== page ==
The bright spots seen on dwarf planet Ceres have come back into view from the Dawn spacecraft but remain as mysterious as ever.
NASA lost sight of the enigmatic features on Ceres early in March, after the ion propulsion guided probe entered its initial orbit around the largest of the thousands of objects in the main asteroid belt between Mars and Jupiter.
That happened because Ceres was rotating on its axis below Dawn’s cameras in almost the same time it completed those early orbits, and this had the coincidental effect of keeping them over the night side of the dwarf planet, which has a diameter of only about 950 kilometres, or little more than the distance between Melbourne and Sydney.
Now that Dawn has gradually lowered its orbit more of the daylight side of Ceres has become visible and the image, top of page, just released by NASA, shows the bright spots once again in a crater on the right hand side of frame.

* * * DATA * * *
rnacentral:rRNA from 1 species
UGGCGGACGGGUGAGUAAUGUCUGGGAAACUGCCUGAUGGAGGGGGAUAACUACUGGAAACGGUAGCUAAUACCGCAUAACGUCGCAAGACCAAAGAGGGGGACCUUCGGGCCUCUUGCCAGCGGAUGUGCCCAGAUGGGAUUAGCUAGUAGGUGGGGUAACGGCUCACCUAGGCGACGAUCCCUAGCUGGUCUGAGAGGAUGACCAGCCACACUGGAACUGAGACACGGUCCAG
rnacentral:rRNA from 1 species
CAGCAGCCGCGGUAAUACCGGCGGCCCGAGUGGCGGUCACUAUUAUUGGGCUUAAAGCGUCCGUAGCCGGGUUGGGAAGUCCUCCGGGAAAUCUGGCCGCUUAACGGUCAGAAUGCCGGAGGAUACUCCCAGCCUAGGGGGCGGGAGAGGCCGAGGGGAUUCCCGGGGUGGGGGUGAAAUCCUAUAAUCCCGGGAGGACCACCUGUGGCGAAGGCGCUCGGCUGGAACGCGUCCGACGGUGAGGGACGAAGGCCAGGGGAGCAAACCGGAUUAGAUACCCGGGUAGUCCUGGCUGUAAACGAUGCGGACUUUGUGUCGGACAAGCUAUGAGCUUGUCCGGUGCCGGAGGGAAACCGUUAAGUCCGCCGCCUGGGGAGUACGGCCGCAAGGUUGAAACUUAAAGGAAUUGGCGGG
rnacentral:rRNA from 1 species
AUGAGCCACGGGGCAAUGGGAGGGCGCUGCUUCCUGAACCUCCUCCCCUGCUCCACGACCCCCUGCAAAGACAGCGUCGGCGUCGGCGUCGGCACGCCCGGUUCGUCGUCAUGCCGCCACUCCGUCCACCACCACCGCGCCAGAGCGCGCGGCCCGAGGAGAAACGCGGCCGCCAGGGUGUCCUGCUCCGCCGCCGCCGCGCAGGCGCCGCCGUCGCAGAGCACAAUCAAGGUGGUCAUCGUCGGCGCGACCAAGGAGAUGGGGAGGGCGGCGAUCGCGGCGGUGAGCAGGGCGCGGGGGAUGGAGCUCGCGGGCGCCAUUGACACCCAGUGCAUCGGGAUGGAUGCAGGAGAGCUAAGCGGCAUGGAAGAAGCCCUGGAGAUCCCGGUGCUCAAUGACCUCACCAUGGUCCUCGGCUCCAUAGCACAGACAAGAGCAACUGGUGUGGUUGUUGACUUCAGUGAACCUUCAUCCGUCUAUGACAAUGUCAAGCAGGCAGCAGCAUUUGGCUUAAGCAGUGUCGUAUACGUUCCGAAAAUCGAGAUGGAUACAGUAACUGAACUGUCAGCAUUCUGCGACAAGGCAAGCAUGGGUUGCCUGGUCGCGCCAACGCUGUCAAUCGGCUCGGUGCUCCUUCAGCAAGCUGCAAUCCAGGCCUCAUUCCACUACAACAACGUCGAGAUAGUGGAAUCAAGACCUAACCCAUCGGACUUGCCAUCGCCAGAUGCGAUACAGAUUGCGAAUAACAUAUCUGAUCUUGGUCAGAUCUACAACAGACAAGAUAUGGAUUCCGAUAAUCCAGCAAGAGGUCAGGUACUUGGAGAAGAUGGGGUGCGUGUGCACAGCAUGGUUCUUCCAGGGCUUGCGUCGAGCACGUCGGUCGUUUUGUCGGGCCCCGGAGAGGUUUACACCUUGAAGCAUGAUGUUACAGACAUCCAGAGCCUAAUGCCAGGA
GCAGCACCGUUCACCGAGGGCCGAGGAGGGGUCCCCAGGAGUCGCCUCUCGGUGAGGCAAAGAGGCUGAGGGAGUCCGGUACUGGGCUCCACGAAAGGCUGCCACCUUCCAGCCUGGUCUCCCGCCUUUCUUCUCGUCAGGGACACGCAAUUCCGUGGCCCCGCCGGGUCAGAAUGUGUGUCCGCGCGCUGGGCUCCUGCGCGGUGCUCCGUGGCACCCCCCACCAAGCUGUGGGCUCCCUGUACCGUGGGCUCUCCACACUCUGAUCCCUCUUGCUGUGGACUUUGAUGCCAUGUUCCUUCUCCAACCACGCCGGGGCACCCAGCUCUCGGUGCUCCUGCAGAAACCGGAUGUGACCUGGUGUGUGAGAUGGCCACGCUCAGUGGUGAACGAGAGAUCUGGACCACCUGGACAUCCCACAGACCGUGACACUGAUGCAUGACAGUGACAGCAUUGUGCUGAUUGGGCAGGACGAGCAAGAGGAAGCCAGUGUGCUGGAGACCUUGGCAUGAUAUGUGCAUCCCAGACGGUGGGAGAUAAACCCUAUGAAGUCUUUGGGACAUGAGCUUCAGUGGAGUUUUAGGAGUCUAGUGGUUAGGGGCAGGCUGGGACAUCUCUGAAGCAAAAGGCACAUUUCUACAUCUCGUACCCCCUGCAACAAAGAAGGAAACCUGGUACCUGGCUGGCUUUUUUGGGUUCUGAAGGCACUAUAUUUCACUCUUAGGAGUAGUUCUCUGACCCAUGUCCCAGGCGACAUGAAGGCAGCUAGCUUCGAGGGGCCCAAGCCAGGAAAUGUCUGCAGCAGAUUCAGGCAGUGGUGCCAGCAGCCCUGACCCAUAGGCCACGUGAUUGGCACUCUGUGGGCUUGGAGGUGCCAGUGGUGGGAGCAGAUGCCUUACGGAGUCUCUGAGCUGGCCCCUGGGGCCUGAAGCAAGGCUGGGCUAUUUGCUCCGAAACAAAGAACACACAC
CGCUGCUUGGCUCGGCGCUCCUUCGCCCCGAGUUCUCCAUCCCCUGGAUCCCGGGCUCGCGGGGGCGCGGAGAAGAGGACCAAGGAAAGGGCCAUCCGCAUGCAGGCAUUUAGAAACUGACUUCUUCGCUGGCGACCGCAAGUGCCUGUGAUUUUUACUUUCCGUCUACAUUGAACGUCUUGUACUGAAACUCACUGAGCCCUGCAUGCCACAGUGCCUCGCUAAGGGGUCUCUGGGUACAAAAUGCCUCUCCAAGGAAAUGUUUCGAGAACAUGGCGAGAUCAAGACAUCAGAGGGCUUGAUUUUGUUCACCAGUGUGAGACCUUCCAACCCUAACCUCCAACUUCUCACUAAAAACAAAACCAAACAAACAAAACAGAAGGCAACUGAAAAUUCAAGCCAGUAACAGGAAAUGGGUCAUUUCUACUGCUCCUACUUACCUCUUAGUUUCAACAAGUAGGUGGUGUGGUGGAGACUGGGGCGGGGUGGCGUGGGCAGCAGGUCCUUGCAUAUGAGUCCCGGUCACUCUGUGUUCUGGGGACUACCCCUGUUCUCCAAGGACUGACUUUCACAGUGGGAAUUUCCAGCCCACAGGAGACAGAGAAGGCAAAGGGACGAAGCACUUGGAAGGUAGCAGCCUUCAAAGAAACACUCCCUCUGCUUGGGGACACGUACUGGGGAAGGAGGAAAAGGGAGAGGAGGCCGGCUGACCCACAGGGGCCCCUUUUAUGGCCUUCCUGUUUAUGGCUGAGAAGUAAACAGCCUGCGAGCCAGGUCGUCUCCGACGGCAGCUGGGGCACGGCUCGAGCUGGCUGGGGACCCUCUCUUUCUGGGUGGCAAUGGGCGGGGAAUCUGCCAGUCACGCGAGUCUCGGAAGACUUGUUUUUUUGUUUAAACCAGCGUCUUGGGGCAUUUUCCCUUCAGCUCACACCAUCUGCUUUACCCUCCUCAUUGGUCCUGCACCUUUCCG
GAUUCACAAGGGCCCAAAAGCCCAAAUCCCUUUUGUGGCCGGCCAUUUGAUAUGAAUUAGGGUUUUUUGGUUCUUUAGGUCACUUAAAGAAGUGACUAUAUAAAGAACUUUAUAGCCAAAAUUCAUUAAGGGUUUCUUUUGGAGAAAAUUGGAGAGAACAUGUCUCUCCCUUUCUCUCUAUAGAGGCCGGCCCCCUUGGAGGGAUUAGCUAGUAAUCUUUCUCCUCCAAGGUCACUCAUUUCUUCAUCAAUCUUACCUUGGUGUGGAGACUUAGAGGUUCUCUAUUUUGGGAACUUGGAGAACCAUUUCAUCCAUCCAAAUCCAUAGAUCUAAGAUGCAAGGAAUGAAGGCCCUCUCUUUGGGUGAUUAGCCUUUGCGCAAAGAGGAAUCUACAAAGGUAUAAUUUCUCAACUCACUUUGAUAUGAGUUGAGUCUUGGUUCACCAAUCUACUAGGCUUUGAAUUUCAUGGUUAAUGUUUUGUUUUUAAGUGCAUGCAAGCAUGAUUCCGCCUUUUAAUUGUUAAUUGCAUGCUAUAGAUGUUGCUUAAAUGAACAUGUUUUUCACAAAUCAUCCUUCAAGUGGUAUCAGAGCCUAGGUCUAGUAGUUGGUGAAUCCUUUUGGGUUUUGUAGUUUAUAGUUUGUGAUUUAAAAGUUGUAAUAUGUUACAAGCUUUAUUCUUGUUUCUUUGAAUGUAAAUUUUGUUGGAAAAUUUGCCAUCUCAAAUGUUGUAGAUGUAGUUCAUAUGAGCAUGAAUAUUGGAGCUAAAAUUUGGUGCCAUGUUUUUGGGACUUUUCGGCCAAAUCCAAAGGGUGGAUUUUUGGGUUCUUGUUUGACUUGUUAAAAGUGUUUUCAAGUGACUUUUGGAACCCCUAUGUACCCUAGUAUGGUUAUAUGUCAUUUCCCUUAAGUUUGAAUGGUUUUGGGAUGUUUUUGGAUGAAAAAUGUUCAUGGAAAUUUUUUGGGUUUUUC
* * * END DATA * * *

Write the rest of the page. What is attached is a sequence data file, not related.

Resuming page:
All that can be surmised so far about the spots is that they appear to be vents or eruptions of a gas or cloud of particles of unknown composition, and even that interpretation might prove wrong as the spacecraft swoops lower over Ceres in coming weeks and months.
More images, more information, and even a short video of the spots rotating into view, can be found here.